Print this Article

SBE Approves Several New Charter Schools, Waivers

By Jeff Hudson - March 13, 2009

The State Board of Education dealt with several charter school issues and waiver issues during its meeting on Wednesday and Thursday in Sacramento. The board:

— Held a lengthy discussion, but took no formal action on a request by the Los Angeles Unified School District to waive Ed Code regarding class size reduction requirements under the Quality Education Investment Act (QEIA), allowing funds from seven QEIA schools to follow students to nine newly constructed schools. CDE staff had recommended denial. In the absence of action by the SBE, the waiver will automatically be granted for one year.

— Granted a statewide benefit charter to Pacific Technology Charter School (to be operated by Magnolia Educational and Research Foundation), which plans to open campuses in the Santa Ana Unified in Southern California and the San Juan Unified School District in Northern California. Representatives of both those school districts spoke against the charter, who said that the charter advocates had not communicated with them, and the loss of 200 students to a charter school could impact their already strained finances after the March 13 deadline for notifying teachers of possible layoffs. Sen. Lou Correa (D-Santa Ana) also spoke, asking for a delay in the SBE’s decision. SBE member James Aschwanden said that while the charter advocates had “met the letter of the law,” they had not “met the spirit of the law” by failing to communicate with local school districts. However, the SBE approved the charter on a 7-1 vote, with Aschwanden dissenting.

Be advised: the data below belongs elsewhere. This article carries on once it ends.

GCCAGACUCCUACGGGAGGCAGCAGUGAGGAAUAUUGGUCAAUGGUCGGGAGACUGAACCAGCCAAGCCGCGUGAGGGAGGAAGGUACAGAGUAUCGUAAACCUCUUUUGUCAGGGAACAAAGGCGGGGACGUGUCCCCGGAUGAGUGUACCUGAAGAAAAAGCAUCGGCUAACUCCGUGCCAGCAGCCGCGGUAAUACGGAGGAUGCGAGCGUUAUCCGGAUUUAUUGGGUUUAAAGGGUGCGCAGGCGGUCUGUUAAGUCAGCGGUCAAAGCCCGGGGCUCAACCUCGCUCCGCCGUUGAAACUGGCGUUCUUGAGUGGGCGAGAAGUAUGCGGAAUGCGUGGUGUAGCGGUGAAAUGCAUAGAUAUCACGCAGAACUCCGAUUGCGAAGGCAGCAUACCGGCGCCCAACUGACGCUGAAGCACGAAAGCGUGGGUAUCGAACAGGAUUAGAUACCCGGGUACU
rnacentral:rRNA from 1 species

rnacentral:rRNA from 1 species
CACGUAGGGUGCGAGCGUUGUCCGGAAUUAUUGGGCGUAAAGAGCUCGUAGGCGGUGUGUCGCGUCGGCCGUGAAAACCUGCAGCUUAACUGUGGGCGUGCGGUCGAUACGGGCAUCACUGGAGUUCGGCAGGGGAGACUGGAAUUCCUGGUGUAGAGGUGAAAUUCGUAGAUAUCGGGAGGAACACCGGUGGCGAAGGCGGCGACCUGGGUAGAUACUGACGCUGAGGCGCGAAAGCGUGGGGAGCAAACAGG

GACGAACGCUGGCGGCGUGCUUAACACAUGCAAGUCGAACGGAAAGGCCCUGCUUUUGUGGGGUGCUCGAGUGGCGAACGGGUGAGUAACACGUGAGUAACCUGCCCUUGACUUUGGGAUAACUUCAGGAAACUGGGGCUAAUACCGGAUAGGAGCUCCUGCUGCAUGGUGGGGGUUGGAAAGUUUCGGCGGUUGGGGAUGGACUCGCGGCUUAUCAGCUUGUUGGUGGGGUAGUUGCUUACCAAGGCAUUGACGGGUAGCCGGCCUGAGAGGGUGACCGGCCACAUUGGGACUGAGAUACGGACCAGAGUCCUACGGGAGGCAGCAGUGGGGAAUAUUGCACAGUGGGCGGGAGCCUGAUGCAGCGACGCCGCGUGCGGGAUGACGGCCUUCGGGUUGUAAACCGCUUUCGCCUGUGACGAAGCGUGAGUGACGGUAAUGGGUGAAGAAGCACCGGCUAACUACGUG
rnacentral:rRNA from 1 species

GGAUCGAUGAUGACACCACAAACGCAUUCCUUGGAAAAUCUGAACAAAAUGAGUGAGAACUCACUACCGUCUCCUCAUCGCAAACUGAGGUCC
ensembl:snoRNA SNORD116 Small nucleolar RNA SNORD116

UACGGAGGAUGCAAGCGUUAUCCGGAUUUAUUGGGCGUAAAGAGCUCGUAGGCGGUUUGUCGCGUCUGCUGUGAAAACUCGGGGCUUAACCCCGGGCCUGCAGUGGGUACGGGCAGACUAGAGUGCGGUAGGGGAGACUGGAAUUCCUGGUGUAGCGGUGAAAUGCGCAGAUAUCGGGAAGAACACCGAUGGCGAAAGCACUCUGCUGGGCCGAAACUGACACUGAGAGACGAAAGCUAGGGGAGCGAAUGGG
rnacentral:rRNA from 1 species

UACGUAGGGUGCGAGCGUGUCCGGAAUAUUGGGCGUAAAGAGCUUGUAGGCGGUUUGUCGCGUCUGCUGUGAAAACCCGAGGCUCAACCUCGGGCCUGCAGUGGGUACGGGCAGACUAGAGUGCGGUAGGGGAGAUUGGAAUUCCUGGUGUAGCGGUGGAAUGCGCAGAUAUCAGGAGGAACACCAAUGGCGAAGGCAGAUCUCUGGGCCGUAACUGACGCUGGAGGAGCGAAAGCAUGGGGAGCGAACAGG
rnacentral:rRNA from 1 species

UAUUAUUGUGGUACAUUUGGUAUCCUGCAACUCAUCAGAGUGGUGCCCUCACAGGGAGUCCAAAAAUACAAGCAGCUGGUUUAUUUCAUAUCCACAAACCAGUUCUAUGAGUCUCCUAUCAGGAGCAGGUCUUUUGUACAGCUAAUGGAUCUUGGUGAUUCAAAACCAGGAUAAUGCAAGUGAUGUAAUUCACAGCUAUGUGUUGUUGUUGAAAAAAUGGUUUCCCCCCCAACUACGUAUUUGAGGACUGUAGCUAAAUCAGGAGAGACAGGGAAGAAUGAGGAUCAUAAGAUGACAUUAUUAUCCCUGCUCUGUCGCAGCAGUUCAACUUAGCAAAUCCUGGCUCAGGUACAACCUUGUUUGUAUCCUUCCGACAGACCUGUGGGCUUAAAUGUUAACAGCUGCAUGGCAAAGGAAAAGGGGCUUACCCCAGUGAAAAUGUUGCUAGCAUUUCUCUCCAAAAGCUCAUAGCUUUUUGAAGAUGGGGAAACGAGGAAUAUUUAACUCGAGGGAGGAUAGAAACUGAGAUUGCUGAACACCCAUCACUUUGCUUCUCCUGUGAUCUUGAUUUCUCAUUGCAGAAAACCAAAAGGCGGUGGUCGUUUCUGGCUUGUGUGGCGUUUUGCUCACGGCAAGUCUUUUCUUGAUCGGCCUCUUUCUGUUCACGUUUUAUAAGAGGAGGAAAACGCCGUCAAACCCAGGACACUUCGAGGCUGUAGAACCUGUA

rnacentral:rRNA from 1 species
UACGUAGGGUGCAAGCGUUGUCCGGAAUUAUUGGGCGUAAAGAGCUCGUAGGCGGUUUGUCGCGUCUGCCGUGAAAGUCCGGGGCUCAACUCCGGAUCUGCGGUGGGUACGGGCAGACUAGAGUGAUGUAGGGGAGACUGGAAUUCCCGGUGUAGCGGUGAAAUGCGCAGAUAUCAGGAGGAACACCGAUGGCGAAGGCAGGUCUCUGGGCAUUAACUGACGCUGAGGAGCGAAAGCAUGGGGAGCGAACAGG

— Granted a charter to the High Tech High Statewide Benefit Charter on another 7-1 vote.

— Granted a charter to the Everest Public High School in the Atherton/Menlo Park/Silicon Valley area, reversing earlier decisions to deny a charter by the Sequoia Union High School District and the San Mateo County Board of Education. Numerous speakers addressed the issue, speaking for and against the charter, including Sequoia Union superintendent Patrick Gemma, who suggested that the Everest charter would concentrate on serving “students of privilege . . .It takes away from 8,200 students for the benefit of 100 students,” Gemma said. But the SBE sided with chief petitioner Diane Tavenner of Everest, who promised that the school would be “ethnically diverse” and serve a representative percentage of students from East Palo Alto (which is the less affluent portion of the otherwise toney Sequoia Union district). The SBE approved the Everest charter on a 7-0 vote.